English Translations of Scandinavian/Nordic Mysteries & Thrillers discussion

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Surströmming, Hákarl, Mämmi etc.

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message 1: by Fizzycola (new)

Fizzycola | 163 comments We meet lots of strange or bizarre things while reading Scandinavian/Nordic crime books. Or just different things, whatever you want to call them - interesting anyway.

The questions, answers and comments have been scattered among "real book" threads, Maybe that bothers those members who really want to discuss the actual topic in question.

However, understanding the culture of the countries we read about is part of diving into a new part of the world.

So, here is a thread for the cuisine, customs, scenery and other culture of the Scandinavian/Nordic countries. If you discover an interesting detail or want to find out about some pecularity, post it here! Anything goes!


message 2: by Anna (new)

Anna (aetm) | 228 comments Hey, I was just thinking this would be a great place for adding some Nordic food and recipes stuff too, in a separate thread from the whatcha reading now one. Good timing :)

Here's a few I had somewhere in the bookmarks for sharing with some friends:
Piparkakut / gingerbread cookies (I guess Finnish and Swedish style are much the same?)
http://www.nytimes.com/2010/12/15/din... recipe here
Tons of Finnish traditional home food style recipes http://www.finnguide.fi/finnishrecipes/ (see in subcategories)
Christamassy delicacies recipes http://www.finnguide.fi/finnishrecipe...
(of those, the only one in our house is occasionally gingerbread cookies, for hubby. I'm too lazy to make my own wheat free version).

Instead of the cassis glögg stuff I'd recommend the German Gluhwein. It's awesome for cold winter nights.
Plus Feuerzangenbowle - as the ingredients call for 3-4 bottles of red wine, a bottle of 51+% rum, I'd recommend drinking that in a largish nice company. (Recipe http://german.about.com/library/blfeu...) Not maybe purely Nordic, but since Glögg is a Swedish bastardization of Gluhwein, and Feuerzangenbowle is sorta like Gluhwein but even yummier, it definitely should be on the list. :) (many Germans have never tried that drink either. I picked the tradition in Ireland when I lived with a bunch of awesome Germans).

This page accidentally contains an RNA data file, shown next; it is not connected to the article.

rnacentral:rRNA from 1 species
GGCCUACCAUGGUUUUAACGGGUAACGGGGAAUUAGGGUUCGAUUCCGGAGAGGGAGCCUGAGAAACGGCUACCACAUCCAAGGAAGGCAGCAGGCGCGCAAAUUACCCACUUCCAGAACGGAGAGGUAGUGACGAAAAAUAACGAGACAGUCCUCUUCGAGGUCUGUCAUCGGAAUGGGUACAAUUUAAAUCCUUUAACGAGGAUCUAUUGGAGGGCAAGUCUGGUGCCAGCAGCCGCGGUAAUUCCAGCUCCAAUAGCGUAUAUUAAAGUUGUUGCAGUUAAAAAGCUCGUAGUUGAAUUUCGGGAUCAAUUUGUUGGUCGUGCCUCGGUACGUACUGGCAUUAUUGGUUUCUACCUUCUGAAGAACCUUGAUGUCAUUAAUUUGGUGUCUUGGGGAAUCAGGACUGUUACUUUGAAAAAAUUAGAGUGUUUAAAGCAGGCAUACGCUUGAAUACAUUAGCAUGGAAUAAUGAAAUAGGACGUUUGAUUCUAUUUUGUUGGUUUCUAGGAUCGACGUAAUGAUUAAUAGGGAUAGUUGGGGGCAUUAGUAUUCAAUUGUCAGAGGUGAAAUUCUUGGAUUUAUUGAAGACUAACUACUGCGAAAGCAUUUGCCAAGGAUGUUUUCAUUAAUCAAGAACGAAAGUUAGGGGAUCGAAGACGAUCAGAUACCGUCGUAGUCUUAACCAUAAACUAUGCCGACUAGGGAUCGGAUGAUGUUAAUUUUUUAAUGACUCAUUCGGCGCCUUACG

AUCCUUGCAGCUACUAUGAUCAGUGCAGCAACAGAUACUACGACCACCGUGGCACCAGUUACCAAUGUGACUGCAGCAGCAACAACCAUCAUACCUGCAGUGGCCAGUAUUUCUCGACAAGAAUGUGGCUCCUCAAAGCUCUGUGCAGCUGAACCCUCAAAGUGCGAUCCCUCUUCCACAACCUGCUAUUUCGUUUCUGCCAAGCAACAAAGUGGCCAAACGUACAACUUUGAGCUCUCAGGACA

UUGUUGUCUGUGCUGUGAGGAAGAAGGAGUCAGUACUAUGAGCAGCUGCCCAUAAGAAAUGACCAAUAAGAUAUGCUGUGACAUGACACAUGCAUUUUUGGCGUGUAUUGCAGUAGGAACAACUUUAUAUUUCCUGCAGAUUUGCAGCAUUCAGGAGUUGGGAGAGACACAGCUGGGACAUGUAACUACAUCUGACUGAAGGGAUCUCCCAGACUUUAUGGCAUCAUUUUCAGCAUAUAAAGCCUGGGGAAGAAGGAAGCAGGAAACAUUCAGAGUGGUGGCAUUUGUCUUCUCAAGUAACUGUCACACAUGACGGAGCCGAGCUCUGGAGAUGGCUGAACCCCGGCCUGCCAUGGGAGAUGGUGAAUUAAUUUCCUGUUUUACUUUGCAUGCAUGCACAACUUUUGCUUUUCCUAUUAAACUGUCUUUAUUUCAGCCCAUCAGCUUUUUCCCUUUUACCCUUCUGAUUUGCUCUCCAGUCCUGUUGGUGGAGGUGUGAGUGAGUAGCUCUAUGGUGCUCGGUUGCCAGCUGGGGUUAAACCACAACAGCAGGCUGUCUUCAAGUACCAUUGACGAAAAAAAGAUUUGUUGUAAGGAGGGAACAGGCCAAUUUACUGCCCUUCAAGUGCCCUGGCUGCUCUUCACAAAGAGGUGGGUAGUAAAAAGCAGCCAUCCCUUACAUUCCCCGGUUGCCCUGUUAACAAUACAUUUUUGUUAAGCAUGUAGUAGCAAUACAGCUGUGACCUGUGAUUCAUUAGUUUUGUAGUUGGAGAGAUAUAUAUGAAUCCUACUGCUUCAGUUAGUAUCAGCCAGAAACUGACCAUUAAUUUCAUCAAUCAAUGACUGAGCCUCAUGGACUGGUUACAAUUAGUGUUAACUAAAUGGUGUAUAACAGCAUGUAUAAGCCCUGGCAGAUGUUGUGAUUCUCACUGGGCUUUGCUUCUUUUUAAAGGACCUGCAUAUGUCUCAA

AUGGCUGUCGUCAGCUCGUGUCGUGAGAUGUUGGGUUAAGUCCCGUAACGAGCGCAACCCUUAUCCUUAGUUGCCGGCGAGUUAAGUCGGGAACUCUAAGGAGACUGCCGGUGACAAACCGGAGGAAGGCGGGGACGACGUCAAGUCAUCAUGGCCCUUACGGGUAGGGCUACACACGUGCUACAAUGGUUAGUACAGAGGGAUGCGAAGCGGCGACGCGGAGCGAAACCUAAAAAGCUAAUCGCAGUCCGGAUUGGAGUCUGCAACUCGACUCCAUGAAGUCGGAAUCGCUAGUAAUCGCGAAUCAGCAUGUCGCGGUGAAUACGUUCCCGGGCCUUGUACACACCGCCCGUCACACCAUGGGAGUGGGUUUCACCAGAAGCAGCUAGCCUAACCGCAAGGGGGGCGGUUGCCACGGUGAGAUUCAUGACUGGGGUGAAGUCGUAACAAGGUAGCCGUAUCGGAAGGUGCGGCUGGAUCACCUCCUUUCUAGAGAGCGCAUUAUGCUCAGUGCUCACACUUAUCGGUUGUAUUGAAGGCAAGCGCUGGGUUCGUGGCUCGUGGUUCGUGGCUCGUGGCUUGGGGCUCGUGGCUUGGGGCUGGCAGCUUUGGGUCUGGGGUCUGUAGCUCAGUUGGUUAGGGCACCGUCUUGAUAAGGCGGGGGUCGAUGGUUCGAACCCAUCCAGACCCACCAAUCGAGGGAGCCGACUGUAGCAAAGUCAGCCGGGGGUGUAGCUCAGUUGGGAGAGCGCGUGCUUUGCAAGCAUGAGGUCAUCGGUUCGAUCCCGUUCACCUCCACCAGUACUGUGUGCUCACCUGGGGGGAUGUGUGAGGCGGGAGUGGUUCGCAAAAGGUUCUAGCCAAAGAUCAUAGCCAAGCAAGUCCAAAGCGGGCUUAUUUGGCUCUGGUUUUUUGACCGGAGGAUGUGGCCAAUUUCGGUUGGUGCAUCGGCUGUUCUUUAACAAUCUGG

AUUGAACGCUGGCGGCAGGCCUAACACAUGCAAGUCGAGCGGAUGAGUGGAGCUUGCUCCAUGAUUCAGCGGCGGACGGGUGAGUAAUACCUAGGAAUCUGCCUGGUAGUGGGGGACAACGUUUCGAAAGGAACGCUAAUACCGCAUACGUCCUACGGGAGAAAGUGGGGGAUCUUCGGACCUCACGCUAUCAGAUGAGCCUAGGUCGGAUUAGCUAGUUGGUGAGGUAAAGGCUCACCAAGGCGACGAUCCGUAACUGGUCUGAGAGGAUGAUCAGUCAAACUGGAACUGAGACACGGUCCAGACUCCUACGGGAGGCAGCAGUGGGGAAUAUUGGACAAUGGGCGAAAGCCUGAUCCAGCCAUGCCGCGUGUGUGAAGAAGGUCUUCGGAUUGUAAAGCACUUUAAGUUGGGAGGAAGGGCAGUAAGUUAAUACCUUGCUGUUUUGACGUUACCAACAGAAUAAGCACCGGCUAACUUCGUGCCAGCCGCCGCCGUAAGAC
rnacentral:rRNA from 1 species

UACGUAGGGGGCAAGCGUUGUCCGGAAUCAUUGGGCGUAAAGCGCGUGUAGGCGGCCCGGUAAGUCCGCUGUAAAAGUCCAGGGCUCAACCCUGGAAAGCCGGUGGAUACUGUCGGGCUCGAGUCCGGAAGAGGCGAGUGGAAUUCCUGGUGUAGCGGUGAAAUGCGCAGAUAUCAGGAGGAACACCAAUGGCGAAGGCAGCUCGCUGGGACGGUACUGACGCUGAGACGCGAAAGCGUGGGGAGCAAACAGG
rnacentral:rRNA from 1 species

message 3: by Ken, Moderator (U.S.A.) (new)

Ken Fredette (klfredette) | 4227 comments Mod
Fizzycola wrote: "We meet lots of strange or bizarre things while reading Scandinavian/Nordic crime books. Or just different things, whatever you want to call them - interesting anyway.

The questions, answers and..."


I have to cook for Thanksgiving, and the only thing Swedish I cook is boiled rutabagas that my mother used to cook. What other things are there, any ideas???


message 4: by Fizzycola (new)

Fizzycola | 163 comments As you know, we don't have Thanksgiving in the Nordic countries, so to find equivalent dishes you would have to look at Christmas and the foods popular then.

Salmon comes to mind. Smoked or as lox or as gravlax (salt and sugar cured). Pickled herring of course... but that might be too difficult to prepare.

Ah yes, meatballs of course! Sweet and sour red cabbage. And kale prepared in the same way.

You can find lots of recipes here:

http://pattyinglishms.hubpages.com/hu...


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